Movies in Color - A website featuring stills from films and their corresponding color palettes. Future-proofing Media Workflows through Software-Defined Storage The soaring demand for high-resolution video content across the entire media ecosystem is placing immense pressure on production workflows and media storage infrastructure. To adapt and thrive in the new high-res era, organizations need advanced media storage that streamlines workflows and simplifies file management. In their new white paper, Frost and Sullivan explore the storage challenges facing both organizations and production teams, alike. The paper discusses how new software-defined storage can help media organizations adapt to unpredictable changes—and keep production moving. Discover how software-defined storage streamlines, and accelerates workflowsLearn how intelligent storage helps you tailor capacity, performance, and more The marketplace is changing rapidly, and your ability to thrive depends on having a dynamic media management workflow. Learn more about Avid NEXIS. Please complete the form below to download the white paper.
Inspirational Podcast: Editing ‘Mission Impossible’ with Eddie Hamilton news and informationsautomotive,business,crime,health,life,politics,science,technology,travelautomotive,business,crime,health,life,politics,science,technology,travel So I just returned from the cutting rooms of ‘Mission Impossible: Rogue Nation’ where I interviewed my good friend Eddie Hamilton about his experience editing the movie, and his journey to this point. I have known Eddie for 20 years now and this podcast is classic Eddie Hamilton advice and worth its weight in gold. Core to his success, aside from his clear talent and massive enthusiasm, has been a number of tactics which we discuss in the podcast, including the importance of delivering your very best every day, the value of relationships (both at home and professionally) and having a sense of gratitude for every opportunity. I had the privilege of being invited to a test screening of the film a month or so back and while it was not completed at that point, it was for me, the best Mission Impossible film to date.
Unveils True Cloud Editing in Collaboration with Adobe Anywhere at NAB 2015 : Aframe Combined technologies enable broadcasters and content producers to edit large-scale video projects remotely and securely and eliminate large capital outlay for infrastructure/equipment Las Vegas, NV, April 9, 2015: Aframe is ushering in the era of true broadcast-grade cloud editing with a technology demonstration of Aframe’s cloud video platform hosting Adobe® Anywhere, the collaborative workflow platform that enables teams to work together and create productions from virtually any location where there is network connectivity. The combined solution, ‘Adobe Anywhere in the Cloud delivered by Aframe,’ will enable broadcasters and content producers to edit large-scale video projects remotely and securely and eliminate large capital outlay for infrastructure and equipment. It is being unveiled at NAB 2015 in Aframe’s booth SL10210. By running Adobe Anywhere within Aframe’s cloud platform, teams can collaborate without limits. How it works < back to blog home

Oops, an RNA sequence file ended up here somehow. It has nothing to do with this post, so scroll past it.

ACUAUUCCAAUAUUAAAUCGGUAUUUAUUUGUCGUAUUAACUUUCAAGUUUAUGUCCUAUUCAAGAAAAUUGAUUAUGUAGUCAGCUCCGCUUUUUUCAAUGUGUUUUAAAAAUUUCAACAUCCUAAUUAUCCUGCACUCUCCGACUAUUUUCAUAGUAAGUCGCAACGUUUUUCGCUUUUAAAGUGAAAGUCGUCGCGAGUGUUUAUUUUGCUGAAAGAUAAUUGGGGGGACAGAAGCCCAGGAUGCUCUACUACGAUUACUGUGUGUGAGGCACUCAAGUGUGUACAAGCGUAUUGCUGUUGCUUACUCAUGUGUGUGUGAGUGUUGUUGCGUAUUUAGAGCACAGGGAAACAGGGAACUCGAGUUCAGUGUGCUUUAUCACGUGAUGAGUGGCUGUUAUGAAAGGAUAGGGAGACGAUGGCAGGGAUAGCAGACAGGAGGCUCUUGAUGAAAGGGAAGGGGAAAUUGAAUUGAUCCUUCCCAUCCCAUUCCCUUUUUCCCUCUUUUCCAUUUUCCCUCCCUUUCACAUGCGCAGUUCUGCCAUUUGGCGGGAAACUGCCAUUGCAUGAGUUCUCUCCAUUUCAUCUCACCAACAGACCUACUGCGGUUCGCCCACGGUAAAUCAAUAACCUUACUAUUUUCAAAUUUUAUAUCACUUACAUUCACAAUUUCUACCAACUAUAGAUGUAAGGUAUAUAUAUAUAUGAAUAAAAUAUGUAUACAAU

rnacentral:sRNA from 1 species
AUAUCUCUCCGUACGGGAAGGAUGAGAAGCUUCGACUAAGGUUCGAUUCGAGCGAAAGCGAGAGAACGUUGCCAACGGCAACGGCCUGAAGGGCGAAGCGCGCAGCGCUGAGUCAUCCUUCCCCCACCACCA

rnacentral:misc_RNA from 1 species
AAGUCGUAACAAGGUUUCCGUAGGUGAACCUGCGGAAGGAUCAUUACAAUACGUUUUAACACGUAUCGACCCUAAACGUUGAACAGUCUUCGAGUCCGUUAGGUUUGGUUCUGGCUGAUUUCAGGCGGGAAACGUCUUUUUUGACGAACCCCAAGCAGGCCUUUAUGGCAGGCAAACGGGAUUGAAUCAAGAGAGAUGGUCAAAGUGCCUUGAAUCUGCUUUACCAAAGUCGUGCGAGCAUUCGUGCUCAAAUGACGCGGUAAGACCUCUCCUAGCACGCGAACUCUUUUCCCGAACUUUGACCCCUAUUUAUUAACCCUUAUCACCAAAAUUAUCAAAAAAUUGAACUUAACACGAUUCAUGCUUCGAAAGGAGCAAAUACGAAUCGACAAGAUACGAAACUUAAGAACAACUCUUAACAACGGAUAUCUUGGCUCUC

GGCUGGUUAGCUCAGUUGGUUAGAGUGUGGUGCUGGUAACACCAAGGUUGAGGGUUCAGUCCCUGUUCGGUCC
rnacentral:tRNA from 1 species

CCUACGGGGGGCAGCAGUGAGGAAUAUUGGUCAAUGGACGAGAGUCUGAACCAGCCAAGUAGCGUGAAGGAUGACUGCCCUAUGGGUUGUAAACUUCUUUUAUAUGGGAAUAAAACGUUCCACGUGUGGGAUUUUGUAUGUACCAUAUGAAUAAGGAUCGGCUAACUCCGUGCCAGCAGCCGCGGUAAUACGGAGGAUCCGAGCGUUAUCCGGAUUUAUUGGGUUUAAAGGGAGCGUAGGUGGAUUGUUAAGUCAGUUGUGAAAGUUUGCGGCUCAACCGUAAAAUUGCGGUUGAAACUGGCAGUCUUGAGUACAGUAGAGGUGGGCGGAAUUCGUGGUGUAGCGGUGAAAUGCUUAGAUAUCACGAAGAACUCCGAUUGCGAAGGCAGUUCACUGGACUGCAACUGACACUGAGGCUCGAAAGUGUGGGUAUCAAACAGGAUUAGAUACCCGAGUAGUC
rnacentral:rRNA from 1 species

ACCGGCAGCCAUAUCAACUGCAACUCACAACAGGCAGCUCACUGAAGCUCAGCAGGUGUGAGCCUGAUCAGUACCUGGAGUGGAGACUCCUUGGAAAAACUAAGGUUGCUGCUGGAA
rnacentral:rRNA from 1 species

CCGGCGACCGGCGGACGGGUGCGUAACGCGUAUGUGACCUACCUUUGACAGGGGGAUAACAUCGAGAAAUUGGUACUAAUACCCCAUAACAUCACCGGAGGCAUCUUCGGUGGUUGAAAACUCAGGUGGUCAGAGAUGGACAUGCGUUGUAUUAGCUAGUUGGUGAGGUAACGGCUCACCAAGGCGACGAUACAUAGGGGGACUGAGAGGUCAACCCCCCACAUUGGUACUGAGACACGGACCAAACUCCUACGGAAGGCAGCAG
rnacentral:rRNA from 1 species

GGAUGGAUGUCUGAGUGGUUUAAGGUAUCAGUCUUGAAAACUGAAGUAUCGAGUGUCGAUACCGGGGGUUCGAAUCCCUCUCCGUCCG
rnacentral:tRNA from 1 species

Martin Scorsese Creates a List of 39 Essential Foreign Films for a Young Filmmaker Eight or so years ago, young filmmaker Colin Levy got an opportunity of a lifetime. He got a one-on-one meeting with Martin Scorsese. After spending much of his time in high school making a five-minute short, Levy won the national YoungArts award -- and, with it, the chance to chat with the guy who directed Goodfellas, Taxi Driver and Raging Bull. After getting a personal tour of Scorsese’s office and editing bays by none other than legendary editor Thelma Schoonmaker, Levy met the man himself. “It was a defining moment in my path as a filmmaker,” he later wrote on his blog. A couple weeks later, Scorsese’s assistant sent him a handful of books and 39 foreign movies personally picked by the filmmaker. Scorsese’s selections – which you can see above – are a fascinating insight into what influenced the filmmaker. At least the first few films on the list you will find in our collection, 1,150 Free Movies Online: Great Classics, Indies, Noir, Westerns, etc.. via Huffington Post
‘Deepwater Horizon:’ How the Sound Team Put Viewers On The Oil Rig | Hollywood Reporter The sound team on Deepwater Horizon, director Peter Berg’s account of the 2010 oil rig explosion in the Gulf of Mexico, which opens Friday, focused on realism starting with extensive research that even came down to examining the procedures involved on the rig that were featured in the story. “Our goal was always to involve the ear of the audience in the characters and how involved, difficult and engaging the mission of oil exploration can become,” says the film’s seven-time Oscar-nominated sound designer Wylie Stateman. “After all, the story of the Deepwater Horizon is not so much one of only destruction but of the many participants putting life, career and integrity on the line in pursuit of hard-to-reach sources of energy.” The sound team, he says, also wanted to create “hold-your-breath tension and a feeling of documentary-like immersion,” which meant giving the viewer the sense that he or she is enveloped in the life of those in offshore oil exploration.